The Kids are Watching Your Ads

By: Conner Galway

One of the hottest topics of conversation in marketing circles is always how “kids these days” are consuming media, but we recently learned something even more interesting: They might actually like being advertised to.

“Gen Z might actually like being advertised to.”

The people who get lumped together in the Gen Z category grew up with digital media. They’ve never known a time when ads weren’t popping up or sliding in as they were trying to consume media, and their information has always been recorded, tracked, and targeted. That’s probably why a number of recent studies seem to show that they may actually be in favour of better-targeted, more relevant advertising.

The first number that jumped off the page of a study reported by Marketing Dive was that over 75% of Gen Z reported buying a product based the recommendation of an influencer in the past year. When we narrow that down only to beauty and food & beverage products, that number jumps to 85%.

“85% of Gen Z buy beauty, food & beverage products based on an influencer’s recommendation.”

Note the word “reported” — boomers, and Gen X for that matter, are extremely reluctant to ever admit that any marketing effort has influenced their purchase decisions. Gen Zs are apparently self-aware and willing to own up to it. They’re also making it easier for advertisers to track them, even though they are better informed about how to block that tracking from happening. The study shows that Gen Z protects their data much differently than Boomers:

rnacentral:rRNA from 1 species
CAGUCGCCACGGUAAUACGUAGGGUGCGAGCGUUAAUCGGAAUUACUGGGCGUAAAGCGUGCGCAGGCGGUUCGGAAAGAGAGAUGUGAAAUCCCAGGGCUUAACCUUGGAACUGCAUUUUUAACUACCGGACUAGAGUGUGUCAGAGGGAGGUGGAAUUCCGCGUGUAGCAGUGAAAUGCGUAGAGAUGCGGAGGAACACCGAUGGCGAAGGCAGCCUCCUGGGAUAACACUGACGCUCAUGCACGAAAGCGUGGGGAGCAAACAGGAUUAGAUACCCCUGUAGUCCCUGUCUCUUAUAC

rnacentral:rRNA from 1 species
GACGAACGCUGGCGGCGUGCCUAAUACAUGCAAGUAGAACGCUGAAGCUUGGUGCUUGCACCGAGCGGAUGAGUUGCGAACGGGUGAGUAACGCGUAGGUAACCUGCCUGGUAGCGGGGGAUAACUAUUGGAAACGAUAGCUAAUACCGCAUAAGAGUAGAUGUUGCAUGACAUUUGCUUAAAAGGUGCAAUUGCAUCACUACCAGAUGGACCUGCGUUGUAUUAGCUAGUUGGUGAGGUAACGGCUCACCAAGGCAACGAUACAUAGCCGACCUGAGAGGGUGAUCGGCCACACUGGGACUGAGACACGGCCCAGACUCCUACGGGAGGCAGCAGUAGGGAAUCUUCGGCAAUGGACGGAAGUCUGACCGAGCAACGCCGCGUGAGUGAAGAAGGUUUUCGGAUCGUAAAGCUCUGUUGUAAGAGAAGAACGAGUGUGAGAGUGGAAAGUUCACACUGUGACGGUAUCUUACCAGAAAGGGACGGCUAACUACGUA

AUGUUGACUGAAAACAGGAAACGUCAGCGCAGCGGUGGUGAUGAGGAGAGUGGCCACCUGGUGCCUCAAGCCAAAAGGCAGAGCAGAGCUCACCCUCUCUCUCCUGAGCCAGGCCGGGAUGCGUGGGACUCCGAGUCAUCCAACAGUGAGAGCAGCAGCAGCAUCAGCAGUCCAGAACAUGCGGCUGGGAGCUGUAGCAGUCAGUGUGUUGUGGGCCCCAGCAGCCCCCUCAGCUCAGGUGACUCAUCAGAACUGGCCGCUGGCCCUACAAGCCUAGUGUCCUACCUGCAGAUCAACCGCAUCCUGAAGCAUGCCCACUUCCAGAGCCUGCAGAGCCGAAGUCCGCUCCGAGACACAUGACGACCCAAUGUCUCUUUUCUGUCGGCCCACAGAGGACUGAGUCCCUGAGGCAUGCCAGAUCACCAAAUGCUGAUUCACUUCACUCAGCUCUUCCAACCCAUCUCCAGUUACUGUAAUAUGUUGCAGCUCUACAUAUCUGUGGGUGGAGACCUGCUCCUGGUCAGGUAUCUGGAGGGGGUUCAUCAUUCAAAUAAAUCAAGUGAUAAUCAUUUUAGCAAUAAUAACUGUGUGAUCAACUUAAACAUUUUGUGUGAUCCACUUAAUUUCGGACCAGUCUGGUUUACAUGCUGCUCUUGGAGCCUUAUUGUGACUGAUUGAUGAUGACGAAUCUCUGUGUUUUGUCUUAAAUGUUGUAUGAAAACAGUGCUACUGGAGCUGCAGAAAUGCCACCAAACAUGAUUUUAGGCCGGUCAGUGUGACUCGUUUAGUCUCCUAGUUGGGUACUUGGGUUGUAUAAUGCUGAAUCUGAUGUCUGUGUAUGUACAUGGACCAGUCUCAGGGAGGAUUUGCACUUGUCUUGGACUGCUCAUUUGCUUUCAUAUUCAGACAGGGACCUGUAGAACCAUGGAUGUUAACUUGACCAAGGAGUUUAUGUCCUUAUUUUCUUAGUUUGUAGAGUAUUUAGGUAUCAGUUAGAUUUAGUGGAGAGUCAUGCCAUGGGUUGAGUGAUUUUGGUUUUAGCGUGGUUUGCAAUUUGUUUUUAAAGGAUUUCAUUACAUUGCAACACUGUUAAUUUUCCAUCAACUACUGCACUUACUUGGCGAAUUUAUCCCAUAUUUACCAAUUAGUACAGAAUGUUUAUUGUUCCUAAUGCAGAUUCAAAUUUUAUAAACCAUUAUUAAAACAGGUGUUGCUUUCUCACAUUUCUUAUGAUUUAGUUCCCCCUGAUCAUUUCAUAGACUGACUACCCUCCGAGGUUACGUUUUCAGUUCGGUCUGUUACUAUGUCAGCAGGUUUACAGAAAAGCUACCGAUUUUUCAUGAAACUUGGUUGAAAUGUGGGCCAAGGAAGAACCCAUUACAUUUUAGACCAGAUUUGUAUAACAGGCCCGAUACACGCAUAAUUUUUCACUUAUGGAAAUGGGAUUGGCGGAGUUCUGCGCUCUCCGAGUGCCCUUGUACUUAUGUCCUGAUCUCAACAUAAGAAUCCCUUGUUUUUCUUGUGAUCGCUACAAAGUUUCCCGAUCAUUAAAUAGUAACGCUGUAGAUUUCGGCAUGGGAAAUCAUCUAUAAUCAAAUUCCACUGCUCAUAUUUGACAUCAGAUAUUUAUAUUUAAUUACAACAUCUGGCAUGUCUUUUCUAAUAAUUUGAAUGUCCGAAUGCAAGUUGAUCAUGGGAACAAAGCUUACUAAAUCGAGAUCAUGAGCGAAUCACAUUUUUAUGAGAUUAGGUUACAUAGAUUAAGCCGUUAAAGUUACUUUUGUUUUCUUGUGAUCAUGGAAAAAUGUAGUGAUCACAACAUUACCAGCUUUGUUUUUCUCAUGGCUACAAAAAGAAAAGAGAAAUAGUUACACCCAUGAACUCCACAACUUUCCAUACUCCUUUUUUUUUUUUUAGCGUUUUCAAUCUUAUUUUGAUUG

• 3x more likely to allow tracking when presented with prompts such as those for Apple’s App Tracking Transparency (compared to Boomers)
  • Less likely to clear their browser cookies (41% vs. 59%)
  • Less likely to use an ad blocker (27% vs. 32%)
  • Proving their tech-savviness, they are much more likely to use a VPN (32% vs. 27%)

They are also significantly more likely to take an action, or recall what’s been advertised to them (especially when it comes to video ads):

  • They’re much more likely to scan a QR code (25% vs. 9%)
  • 45% of them are likely to recall an ad they’ve seen on YouTube
  • They’re twice as likely to recall an ad on YouTube than one on TikTok

If all of that is true, it changes the whole relationship that advertisers and consumers have with each other. For the past few decades, ads have tried everything they could to masquerade as native or organic content, but what if they didn’t have to pretend to be something that they’re not?

In a world where the audience sees ads as being useful, or at least informative, they can focus on being helpful, educational, and straightforward. They can, and should, still be entertaining and beautiful, but wouldn’t it be refreshing to live in a world where content wasn’t trying to trick you?

Perhaps that’s an overly optimistic reading of the data, but at minimum, anyone who is targeting a younger audience should take into account the fact that they know what you’re doing when you’re targeting them, and if you do it well, they may even thank you for it.